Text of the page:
The EPA is conducting a civil rights investigation into the water crisis in Jackson, Mississippi. Meanwhile, Saudi Arabia has held up despite US backlash over OPEC+’s decision to cut production, and the Biden administration won a court challenge over the “social costs” of greenhouse gases.
This is Overnight Energy & EnvironmentA source of breaking news focused on , energy, the environment and more. The Hill is Rachel Frazien and Zach Badrick.
EPA Confirms Jackson Water Crisis Investigation
The Environmental Protection Agency (EPA) confirmed in a letter to the NAACP that it had launched a civil rights investigation into a water crisis that denied residents of Jackson, Mississippi, earlier this year.
Civil rights groups filed complaints alleging patterns of discrimination by the state, the predominantly black capital, and urged the EPA’s Office of External Civil Rights Compliance (OECR) to review the investigation on Thursday.
what are they saying? In the letter, OECR Acting Executive Director Antu Hoang said whether state environmental quality departments and health departments had “intentionally or effectively” engaged in racial discrimination in funding water infrastructure, and whether the two departments said it would investigate whether they discriminated. Installation of appropriate guardrails against such discrimination.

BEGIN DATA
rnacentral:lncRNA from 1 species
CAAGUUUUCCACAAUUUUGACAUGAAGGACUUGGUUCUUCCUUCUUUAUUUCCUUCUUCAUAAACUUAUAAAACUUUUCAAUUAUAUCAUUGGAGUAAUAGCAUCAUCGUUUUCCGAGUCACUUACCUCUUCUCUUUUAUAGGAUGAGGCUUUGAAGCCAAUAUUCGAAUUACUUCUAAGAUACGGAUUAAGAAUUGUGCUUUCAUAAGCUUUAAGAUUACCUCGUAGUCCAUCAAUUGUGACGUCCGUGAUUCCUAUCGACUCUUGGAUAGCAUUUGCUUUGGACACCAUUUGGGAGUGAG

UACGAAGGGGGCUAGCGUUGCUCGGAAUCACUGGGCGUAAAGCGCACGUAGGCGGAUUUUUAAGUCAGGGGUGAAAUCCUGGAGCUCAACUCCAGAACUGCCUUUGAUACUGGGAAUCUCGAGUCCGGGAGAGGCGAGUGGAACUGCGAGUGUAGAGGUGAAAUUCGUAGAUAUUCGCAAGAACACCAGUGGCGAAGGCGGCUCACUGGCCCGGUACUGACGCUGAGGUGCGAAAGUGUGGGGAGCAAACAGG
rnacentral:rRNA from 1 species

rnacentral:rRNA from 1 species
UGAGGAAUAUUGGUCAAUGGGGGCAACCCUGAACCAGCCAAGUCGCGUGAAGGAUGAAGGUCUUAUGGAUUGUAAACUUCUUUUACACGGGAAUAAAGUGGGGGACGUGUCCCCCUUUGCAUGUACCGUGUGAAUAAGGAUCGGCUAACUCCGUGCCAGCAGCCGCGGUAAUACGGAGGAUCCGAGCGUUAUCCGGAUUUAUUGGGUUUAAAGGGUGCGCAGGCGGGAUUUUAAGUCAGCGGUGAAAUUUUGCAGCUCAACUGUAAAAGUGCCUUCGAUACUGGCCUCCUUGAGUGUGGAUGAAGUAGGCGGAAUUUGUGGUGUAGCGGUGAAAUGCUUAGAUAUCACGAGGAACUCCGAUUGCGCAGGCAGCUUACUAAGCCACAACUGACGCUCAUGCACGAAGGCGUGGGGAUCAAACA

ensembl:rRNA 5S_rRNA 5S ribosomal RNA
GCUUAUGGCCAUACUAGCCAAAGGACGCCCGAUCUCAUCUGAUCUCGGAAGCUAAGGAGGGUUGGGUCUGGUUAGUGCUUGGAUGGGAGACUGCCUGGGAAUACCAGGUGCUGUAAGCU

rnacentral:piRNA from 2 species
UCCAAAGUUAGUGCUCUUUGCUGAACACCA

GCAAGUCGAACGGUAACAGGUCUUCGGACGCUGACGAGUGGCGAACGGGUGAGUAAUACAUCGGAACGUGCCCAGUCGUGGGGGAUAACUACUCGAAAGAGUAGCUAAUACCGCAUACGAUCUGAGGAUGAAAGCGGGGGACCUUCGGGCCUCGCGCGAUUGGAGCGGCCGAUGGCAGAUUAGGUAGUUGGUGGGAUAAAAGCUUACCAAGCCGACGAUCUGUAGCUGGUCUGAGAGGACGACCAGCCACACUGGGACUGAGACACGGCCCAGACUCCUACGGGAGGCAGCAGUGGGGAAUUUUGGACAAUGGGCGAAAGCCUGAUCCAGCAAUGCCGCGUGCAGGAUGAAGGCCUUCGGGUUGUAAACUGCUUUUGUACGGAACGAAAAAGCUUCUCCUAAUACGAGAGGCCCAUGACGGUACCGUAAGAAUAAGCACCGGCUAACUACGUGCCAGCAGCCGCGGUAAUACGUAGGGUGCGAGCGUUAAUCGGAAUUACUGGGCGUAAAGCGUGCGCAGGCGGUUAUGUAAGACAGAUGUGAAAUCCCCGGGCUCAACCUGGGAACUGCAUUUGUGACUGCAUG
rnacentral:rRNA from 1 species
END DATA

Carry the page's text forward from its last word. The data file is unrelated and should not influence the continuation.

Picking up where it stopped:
Proceeding with the investigation is not the same as confirming the allegation, and the EPA Office has 180 days to conduct the investigation.
NAACP responds with: In a statement, NAACP President Derrick Johnson praised the EPA’s move, but added that “this action is just the first step.”
- “The NAACP and its partners are calling on the Biden administration and Congress to hold state officials accountable and to ensure that Jackson officials and residents actively participate in the decisions necessary to resolve the unacceptable problems with Jackson’s water. I will continue to pressure you to do so,” he added.
Jackson’s water infrastructure has fallen into disrepair over the past few decades, with many wealthy white residents leaving the city after consolidation, shrinking the tax base.
The latest water crisis came after flooding shut down the city’s water treatment plant, but it was Jackson’s second water crisis in years.
- The state government was allocated about $75 million in funding last year from the Bipartisan Infrastructure Act to upgrade water infrastructure, but none went to the Jackson system.
- Earlier this week, House Oversight Committee Chairman Carolyn Maloney (DN.Y.) and Homeland Security Committee Chairman Benny Thompson (D-Miss.) announced that they have a constituency that includes most of Jackson, I wrote to Governor Tate Reeves (Republican) asking for more answers. On the use of state federal water funds.